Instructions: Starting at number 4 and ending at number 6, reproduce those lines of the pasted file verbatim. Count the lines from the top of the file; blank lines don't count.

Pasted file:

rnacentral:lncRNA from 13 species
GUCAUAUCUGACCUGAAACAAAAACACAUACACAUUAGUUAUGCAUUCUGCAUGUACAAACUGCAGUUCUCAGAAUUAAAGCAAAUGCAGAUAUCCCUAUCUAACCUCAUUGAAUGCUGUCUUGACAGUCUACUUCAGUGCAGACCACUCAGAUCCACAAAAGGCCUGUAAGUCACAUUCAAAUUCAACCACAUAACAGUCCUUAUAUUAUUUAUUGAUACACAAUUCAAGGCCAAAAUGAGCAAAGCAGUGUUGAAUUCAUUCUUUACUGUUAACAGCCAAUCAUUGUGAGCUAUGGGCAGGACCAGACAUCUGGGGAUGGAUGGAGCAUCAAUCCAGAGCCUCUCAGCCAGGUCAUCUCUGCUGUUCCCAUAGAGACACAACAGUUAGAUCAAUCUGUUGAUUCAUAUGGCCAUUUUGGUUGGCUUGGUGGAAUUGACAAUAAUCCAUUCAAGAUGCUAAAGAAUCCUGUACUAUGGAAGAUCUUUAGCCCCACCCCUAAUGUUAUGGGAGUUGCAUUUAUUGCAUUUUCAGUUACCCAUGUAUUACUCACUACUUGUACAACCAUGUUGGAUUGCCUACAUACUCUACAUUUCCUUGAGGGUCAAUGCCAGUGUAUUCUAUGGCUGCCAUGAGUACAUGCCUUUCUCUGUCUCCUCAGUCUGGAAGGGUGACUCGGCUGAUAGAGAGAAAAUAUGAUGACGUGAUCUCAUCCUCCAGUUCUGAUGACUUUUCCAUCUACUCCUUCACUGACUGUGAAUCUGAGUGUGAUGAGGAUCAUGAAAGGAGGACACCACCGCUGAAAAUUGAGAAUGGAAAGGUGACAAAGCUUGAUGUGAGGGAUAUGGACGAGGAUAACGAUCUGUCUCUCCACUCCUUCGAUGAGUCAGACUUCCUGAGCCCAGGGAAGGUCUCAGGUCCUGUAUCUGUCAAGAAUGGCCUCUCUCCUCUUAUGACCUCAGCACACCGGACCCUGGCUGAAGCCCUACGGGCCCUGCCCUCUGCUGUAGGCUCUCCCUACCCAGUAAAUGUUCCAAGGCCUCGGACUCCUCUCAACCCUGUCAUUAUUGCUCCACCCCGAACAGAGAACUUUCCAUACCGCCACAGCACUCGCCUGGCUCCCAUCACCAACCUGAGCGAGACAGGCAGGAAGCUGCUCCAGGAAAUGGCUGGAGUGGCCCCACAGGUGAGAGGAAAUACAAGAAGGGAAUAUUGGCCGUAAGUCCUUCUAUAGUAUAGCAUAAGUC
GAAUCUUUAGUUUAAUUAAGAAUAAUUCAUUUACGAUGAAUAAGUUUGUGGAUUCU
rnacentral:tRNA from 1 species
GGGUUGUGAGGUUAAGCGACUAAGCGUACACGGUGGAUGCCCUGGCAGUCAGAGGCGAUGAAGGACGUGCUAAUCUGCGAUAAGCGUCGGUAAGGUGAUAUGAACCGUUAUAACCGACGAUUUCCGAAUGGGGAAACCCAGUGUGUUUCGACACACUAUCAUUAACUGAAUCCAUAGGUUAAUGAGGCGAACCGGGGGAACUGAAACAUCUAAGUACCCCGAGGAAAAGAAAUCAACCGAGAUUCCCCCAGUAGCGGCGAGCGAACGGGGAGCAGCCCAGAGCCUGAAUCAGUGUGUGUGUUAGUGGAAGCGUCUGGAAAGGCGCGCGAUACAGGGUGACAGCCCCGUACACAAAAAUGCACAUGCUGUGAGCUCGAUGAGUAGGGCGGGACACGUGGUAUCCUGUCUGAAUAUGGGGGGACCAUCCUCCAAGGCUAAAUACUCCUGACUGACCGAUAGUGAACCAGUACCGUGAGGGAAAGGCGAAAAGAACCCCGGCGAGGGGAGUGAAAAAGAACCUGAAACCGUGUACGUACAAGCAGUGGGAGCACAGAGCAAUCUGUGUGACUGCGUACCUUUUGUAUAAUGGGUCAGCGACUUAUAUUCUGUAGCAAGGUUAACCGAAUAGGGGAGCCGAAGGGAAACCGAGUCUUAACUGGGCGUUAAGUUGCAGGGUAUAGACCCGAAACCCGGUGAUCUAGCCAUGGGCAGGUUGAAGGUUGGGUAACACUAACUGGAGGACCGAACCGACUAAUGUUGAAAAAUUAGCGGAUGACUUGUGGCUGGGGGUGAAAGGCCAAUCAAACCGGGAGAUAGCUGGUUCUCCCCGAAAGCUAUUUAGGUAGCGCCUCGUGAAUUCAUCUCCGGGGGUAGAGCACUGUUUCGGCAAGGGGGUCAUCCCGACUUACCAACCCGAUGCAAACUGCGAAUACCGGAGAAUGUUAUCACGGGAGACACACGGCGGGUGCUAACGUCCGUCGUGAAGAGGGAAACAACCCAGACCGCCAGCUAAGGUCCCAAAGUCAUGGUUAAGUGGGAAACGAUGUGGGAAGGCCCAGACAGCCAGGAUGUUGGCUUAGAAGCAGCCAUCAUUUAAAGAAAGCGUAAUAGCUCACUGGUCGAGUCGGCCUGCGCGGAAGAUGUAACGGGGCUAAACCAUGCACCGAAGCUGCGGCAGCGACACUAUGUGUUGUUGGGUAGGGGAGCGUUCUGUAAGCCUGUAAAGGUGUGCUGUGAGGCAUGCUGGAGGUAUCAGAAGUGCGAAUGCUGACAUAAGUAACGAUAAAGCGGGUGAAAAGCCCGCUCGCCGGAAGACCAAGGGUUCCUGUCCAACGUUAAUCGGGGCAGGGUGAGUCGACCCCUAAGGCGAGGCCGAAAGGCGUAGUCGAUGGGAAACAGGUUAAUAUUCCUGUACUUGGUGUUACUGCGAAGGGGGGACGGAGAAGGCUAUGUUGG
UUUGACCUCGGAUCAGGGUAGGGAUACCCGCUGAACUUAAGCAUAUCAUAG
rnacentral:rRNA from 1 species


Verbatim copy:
rnacentral:tRNA from 1 species
GGGUUGUGAGGUUAAGCGACUAAGCGUACACGGUGGAUGCCCUGGCAGUCAGAGGCGAUGAAGGACGUGCUAAUCUGCGAUAAGCGUCGGUAAGGUGAUAUGAACCGUUAUAACCGACGAUUUCCGAAUGGGGAAACCCAGUGUGUUUCGACACACUAUCAUUAACUGAAUCCAUAGGUUAAUGAGGCGAACCGGGGGAACUGAAACAUCUAAGUACCCCGAGGAAAAGAAAUCAACCGAGAUUCCCCCAGUAGCGGCGAGCGAACGGGGAGCAGCCCAGAGCCUGAAUCAGUGUGUGUGUUAGUGGAAGCGUCUGGAAAGGCGCGCGAUACAGGGUGACAGCCCCGUACACAAAAAUGCACAUGCUGUGAGCUCGAUGAGUAGGGCGGGACACGUGGUAUCCUGUCUGAAUAUGGGGGGACCAUCCUCCAAGGCUAAAUACUCCUGACUGACCGAUAGUGAACCAGUACCGUGAGGGAAAGGCGAAAAGAACCCCGGCGAGGGGAGUGAAAAAGAACCUGAAACCGUGUACGUACAAGCAGUGGGAGCACAGAGCAAUCUGUGUGACUGCGUACCUUUUGUAUAAUGGGUCAGCGACUUAUAUUCUGUAGCAAGGUUAACCGAAUAGGGGAGCCGAAGGGAAACCGAGUCUUAACUGGGCGUUAAGUUGCAGGGUAUAGACCCGAAACCCGGUGAUCUAGCCAUGGGCAGGUUGAAGGUUGGGUAACACUAACUGGAGGACCGAACCGACUAAUGUUGAAAAAUUAGCGGAUGACUUGUGGCUGGGGGUGAAAGGCCAAUCAAACCGGGAGAUAGCUGGUUCUCCCCGAAAGCUAUUUAGGUAGCGCCUCGUGAAUUCAUCUCCGGGGGUAGAGCACUGUUUCGGCAAGGGGGUCAUCCCGACUUACCAACCCGAUGCAAACUGCGAAUACCGGAGAAUGUUAUCACGGGAGACACACGGCGGGUGCUAACGUCCGUCGUGAAGAGGGAAACAACCCAGACCGCCAGCUAAGGUCCCAAAGUCAUGGUUAAGUGGGAAACGAUGUGGGAAGGCCCAGACAGCCAGGAUGUUGGCUUAGAAGCAGCCAUCAUUUAAAGAAAGCGUAAUAGCUCACUGGUCGAGUCGGCCUGCGCGGAAGAUGUAACGGGGCUAAACCAUGCACCGAAGCUGCGGCAGCGACACUAUGUGUUGUUGGGUAGGGGAGCGUUCUGUAAGCCUGUAAAGGUGUGCUGUGAGGCAUGCUGGAGGUAUCAGAAGUGCGAAUGCUGACAUAAGUAACGAUAAAGCGGGUGAAAAGCCCGCUCGCCGGAAGACCAAGGGUUCCUGUCCAACGUUAAUCGGGGCAGGGUGAGUCGACCCCUAAGGCGAGGCCGAAAGGCGUAGUCGAUGGGAAACAGGUUAAUAUUCCUGUACUUGGUGUUACUGCGAAGGGGGGACGGAGAAGGCUAUGUUGG
UUUGACCUCGGAUCAGGGUAGGGAUACCCGCUGAACUUAAGCAUAUCAUAG